It's not just about you!

Crashes happen when someone does the wrong thing!

Think about it, if everyone is doing the right thing accidents don't happen! So a crash on the road is always caused by someone doing the wrong thing and sometimes no matter what you do that crash is going to happen and you're going to be involved even though you did nothing wrong. But most of the time it requires a second person, YOU, to not be paying attention.

Observation is key!

The sooner you see it coming the more time and opportunity you have to get out of the way and keep yourself safe. Good observation could save your life! One example I've seen a couple of times: Just because you have a green light does not mean the other guy has stopped for his red light, especially trucks on Anzac Ave and James St, so check just to make sure.

 

Observation at speed!

One thing we really need to consider is the speed we are used to seeing things. The average walking speed is 5kph, that's about 1.3m per second. If you go for a walk you'll probably find that you look down at the ground somewhere between 1m and 2m ahead of you, giving you approximately 1 second to adjust your path, alter your pacing to enable you step over something or come to a complete stop. It takes you only one or two steps to pull this off, plenty of time all around.

As we grow up some of get bikes and ride quite a bit, thankfully we are designed to be adaptive to our surroundings and so as we increase our speed we learn to look further ahead, I would suggest that a bikes average is 40kph or 11m per second. You'd want to be looking ahead at least 10m ahead of you because changing course or stopping would also take a little longer.

A car however will be travelling an average of 50-60kph up to 16.5m per second, and with a highest speed of 110kph or 30.5m per second. The more challenging aspect of driving though is that you can't correct your course to the same degree as you can walking or cycling, you are just too big! Stopping is also a bigger problem as you are too heavy and your momentum will carry you far. Your observation needs to be high and far ahead, not just to the car in front of you, but as far as you can. Look ahead for traffic lights, signs, people, cars, animals, children playing ball in their yard or anything out of place. You must also engage your peripheral vision so you can get more information about your surroundings.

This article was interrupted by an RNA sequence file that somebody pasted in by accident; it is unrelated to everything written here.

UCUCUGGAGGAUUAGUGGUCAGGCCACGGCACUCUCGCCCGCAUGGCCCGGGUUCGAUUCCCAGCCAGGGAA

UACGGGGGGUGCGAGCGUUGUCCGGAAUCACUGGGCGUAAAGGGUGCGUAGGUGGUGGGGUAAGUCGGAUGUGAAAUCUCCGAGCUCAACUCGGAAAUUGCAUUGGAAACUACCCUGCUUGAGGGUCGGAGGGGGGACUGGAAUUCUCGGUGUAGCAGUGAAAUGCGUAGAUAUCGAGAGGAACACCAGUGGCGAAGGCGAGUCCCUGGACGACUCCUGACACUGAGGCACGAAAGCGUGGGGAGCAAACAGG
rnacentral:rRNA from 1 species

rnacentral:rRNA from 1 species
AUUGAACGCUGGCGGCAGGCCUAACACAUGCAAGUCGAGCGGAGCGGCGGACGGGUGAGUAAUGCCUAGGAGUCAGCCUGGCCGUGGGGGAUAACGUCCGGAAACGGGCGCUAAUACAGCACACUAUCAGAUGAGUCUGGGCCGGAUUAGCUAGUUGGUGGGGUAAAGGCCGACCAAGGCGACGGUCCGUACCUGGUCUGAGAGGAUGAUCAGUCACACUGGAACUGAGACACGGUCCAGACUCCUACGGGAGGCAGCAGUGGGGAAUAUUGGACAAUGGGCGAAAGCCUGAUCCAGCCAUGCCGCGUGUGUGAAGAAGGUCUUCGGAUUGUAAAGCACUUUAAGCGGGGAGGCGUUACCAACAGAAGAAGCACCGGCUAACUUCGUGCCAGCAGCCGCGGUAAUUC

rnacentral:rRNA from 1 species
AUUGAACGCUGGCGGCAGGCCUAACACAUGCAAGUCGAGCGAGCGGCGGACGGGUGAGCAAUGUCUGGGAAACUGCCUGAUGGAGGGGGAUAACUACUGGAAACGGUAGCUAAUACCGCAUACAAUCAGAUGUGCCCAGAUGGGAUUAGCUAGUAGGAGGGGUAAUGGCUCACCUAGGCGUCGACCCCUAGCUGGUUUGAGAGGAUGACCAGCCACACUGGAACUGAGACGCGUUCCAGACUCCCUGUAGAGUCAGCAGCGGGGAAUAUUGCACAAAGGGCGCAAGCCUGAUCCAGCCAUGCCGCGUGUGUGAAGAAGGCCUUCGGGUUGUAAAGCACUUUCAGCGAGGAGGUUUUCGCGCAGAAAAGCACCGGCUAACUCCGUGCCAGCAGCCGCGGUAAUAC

A good trick to keep your peripheral vision engaged is to not focus on anything too long, try not to read the funny stickers on the back of the car in front, read signs quickly and then move on. Basically keep your eyes moving, always looking for something you need to notice.

Texting!

Sending a simple text "Almost there" can take 30 seconds or more, one handed, whilst trying to drive a car, from picking the phone up to putting it back down. At 60kph that will take just short of 500m. That's 500 meters of you not watching the road properly! A lot can happen in just one second, a staggering 16.67m, and the SCARY fact is, if you are texting and haven't seen it coming, you aren't braking; you're still travelling at 60kph...

 

Assumptions are dangerous:

This video really demonstrates why it is important to "look before you leap". It is not safe to assume that a Green Light means it is safe to go, occasionally you'll come across a driver, especially trucks going down hill, that doesn't stop for their Red Light.

My own experience:

This video shows an experience I had, I saw the truck turning and the flat bed coming up the road he needed to turn into, I half expected the truck to swing out to make the corner and that ute was going to be in a difficult position because of that. I'd also seen a glimpse of a vehicle and a motorbike behind the truck and some thing was wrong, some thing told me this was going to go badly. There was no one behind me, so I indicated and pulled over to park at the side of the road and I thank God that I did. The vehicle, a ute, behind the truck decided to overtake and suddenly appeared in front of me. Had I not pulled over I would have heading toward him at about 80kph, at the same time the flat bed decides to go, that would have put him behind me. Both of these vehicles pulled into a BLIND space, totally unable to clearly see where they were going, had I been in the middle of that and accident would likely have happened.

What got me more frustrated is, after seeing this near collision, a second vehicle, another ute, pulls out into a BLIND space.  Had that motorbike been moving around the truck or been going any faster that would have been an accident for sure.

Don't play with people:

This video really demonstrates a principle I keep trying to explain to people. You shouldn't play with the traffic! The ute you see at the beginning doesn't really do anything illegal, but he does play with the car that wants to be in the lead. In the first instance you can see the ute speeds up to secure his position rather than backing off to allow the speeding car to just go. The law does not expect him to but it certainly would have been a safer play when you see the end result. He later slows down and blocks the car from passing, this choice could have cost him his life!